Lean protein:

Lean meat is a good source of protein with a low fat and calorie content. Red meat like lamb or beef is a good source of protein but you need to trim all the visible fat to make it lean.

Poultry is a good source of lean protein along with vitamin B and choline (keeps nerves healthy). Ensure meat is cooked thoroughly and never reheat cooked meat repeatedly.

Another good source of low-fat, high-quality protein is fish which is available in abundance in Kashmir. Fish is packed with omega 3 fatty acids which reduce the risk of stroke and maintain heart health. It also contains vitamin D, B2, calcium, phosphorus and zinc.

The American Heart Association recommends eating fish at least two times a week as part of a healthy diet. Eggs are also a superb source of protein and very easily available, easy to cook and can be cooked in literally hundreds of ways. A good and cheap source of lean protein is pulses and grams which should be incorporated in the diet.

Nuts and seeds

These tiny but mighty superfoods are a heart-healthy snack and powerhouses of nutrition. Eating a few almonds or a couple of walnuts daily can reduce cholesterol.

However, avoid the processed salted and fried variety available in the market. Similarly, walnuts are rich in antioxidants, omega-3 fatty acids and promote good heart health.

Whole grains

Rice and wheat are staple foods in Kashmiri households. They help to keep us full and satisfied but the key is to eat less refined stuff and reduce the portion size.

Leafy greens

Leafy greens are brimming with fiber, vitamins and minerals and are a low-calorie option. In addition to our local haakh, try eating radish and turnip greens, dandelion greens (handd), cauliflowers and broccoli.

A lot of households use sun-dried veggies in winter. Although it is an age-old custom, we should limit its use because during the process of drying fungal contamination occurs and eating too much of it can lead to cancers of the GI tract.

Sugar

Sugar can give us a happy boost which is short-lived but the bad effects are alarming. Keep off sugar. If possible, give up sugary drinks completely. Among Kashmiris eating bakery goodies like cake, bakarkhani, kulcha is a very big factor in causing diabetes and obesity. Eat but in moderation as a treat not as a daily routine.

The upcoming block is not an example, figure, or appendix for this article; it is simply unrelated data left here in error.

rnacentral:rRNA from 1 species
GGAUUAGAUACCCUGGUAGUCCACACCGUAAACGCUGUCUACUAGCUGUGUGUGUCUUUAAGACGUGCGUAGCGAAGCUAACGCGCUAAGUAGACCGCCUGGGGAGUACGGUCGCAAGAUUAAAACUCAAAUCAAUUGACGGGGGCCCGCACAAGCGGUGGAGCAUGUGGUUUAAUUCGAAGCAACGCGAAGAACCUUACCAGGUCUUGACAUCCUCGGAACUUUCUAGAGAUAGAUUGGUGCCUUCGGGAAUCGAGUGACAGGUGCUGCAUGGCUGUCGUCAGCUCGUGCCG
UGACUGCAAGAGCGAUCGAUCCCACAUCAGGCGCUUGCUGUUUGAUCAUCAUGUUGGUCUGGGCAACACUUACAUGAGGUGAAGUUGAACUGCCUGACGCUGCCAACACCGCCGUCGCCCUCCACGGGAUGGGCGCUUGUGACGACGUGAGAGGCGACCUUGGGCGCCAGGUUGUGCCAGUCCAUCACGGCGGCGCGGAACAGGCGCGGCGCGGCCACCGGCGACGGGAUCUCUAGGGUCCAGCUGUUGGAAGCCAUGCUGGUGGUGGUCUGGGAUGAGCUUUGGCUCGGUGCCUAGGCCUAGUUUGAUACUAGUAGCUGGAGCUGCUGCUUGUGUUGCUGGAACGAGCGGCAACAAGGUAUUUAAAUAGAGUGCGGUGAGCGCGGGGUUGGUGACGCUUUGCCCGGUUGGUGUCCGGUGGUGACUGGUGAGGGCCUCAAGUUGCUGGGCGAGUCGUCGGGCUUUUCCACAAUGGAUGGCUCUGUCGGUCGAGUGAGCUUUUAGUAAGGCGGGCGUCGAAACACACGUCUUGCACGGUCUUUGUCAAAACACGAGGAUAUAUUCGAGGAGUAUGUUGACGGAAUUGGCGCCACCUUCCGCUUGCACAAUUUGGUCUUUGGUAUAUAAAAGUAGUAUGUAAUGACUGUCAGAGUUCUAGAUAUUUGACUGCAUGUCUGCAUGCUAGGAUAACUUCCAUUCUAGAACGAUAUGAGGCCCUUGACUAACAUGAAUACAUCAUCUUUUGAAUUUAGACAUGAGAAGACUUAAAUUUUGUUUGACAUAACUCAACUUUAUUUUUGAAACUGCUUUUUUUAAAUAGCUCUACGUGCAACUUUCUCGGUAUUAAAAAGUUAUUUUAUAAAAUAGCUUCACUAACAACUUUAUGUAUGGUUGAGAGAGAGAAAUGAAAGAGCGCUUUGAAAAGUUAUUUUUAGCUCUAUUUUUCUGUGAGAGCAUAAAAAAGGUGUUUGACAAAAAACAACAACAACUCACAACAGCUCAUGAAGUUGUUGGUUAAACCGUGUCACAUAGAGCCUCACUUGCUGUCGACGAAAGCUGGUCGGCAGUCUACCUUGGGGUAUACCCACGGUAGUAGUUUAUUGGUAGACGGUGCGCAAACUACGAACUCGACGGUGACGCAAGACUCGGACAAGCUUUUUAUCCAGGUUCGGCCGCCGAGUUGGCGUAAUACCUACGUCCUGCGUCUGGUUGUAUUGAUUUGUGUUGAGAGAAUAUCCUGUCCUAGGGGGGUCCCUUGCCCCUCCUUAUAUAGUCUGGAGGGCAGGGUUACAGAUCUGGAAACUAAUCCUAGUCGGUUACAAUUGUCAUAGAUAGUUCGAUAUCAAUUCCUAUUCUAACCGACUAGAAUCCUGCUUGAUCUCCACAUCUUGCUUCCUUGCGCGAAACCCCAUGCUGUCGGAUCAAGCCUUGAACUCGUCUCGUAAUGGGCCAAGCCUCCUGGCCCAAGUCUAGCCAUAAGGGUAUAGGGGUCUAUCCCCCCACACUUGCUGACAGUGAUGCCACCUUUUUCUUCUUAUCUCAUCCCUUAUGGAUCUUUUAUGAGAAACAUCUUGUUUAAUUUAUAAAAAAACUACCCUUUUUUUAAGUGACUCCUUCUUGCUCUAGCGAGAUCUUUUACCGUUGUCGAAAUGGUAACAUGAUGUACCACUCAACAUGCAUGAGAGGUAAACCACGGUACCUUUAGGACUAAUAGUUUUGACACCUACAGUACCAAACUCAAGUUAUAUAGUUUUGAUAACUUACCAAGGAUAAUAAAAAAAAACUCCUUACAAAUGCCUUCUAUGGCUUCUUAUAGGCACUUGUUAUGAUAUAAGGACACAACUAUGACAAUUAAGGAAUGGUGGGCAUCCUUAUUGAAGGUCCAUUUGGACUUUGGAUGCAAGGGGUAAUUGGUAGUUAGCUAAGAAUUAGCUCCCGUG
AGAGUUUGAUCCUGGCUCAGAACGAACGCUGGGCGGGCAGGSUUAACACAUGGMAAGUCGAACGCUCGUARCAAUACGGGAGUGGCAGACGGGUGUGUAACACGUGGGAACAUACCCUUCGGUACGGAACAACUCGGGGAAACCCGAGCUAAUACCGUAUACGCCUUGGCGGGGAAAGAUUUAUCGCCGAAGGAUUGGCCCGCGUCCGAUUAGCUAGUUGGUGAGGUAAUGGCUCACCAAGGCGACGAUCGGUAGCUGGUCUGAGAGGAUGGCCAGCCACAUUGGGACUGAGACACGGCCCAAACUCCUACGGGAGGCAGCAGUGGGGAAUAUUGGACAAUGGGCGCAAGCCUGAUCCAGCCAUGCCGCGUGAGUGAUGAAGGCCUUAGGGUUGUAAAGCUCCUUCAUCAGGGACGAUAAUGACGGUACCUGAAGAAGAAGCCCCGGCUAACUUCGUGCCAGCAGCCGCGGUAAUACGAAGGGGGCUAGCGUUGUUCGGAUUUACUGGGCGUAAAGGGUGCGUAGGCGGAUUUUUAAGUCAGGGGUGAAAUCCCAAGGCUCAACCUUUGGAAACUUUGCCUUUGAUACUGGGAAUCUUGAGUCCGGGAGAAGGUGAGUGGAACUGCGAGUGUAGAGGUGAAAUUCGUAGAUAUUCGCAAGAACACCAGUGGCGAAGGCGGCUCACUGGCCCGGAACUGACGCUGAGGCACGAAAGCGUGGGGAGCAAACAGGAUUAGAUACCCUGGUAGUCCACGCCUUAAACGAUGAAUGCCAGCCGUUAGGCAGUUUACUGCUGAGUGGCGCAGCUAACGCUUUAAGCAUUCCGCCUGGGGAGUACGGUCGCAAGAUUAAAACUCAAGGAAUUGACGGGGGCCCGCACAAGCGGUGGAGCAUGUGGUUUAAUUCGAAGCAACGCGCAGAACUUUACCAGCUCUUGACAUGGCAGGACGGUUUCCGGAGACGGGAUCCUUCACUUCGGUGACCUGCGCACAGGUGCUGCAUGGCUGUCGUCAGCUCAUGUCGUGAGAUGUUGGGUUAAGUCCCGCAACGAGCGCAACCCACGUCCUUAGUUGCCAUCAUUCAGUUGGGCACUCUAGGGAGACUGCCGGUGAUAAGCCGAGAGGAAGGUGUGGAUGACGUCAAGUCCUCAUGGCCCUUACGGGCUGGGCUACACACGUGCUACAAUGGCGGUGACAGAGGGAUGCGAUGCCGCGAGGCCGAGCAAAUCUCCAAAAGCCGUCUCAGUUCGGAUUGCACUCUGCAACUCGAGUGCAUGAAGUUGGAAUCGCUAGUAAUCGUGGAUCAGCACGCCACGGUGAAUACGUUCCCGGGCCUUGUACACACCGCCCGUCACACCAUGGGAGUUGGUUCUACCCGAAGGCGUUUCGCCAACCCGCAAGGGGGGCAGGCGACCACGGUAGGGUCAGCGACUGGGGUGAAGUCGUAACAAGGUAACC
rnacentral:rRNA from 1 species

Soups especially trotter/bone broth:

Also called pachi in local parlance, trotters have a lot of bone, tough connective tissue and skin. It needs to be cooked slowly for the meat to become tender. It is a rich source of collagen, protein and fat and lacks carbs and fiber. Besides being yummy on a cold winter evening it helps fight joint pain, inflammation and gives healthy skin.

 

 

Drinks to consume during winter

Drink plenty of water. You can drink cold water or warm water but keep yourself hydrated at all times. Most people do not drink water in winter but we sweat a lot in winter and need water to replenish the losses as well as for metabolism.

Kehwa

Kehwa with Dalchini or cinnamon is a wonderfully flavored drink. Cinnamon contains a compound that helps to reduce inflammation and is also helpful in maintaining blood sugar. Add some ginger for a boost.

Tea

We can have tulsi tea, ginger tea and our regular tea in winter for warmth and hydration but do not add sugar. Honey is also a source of sugar and gets converted to glucose in the body. Hence, go slow on sugar or sugar substitutes.

Noonchai

Although every Kashmiri loves noonchai (salt tea), the salt content has to be reduced. Please go easy on salt and sugar this winter.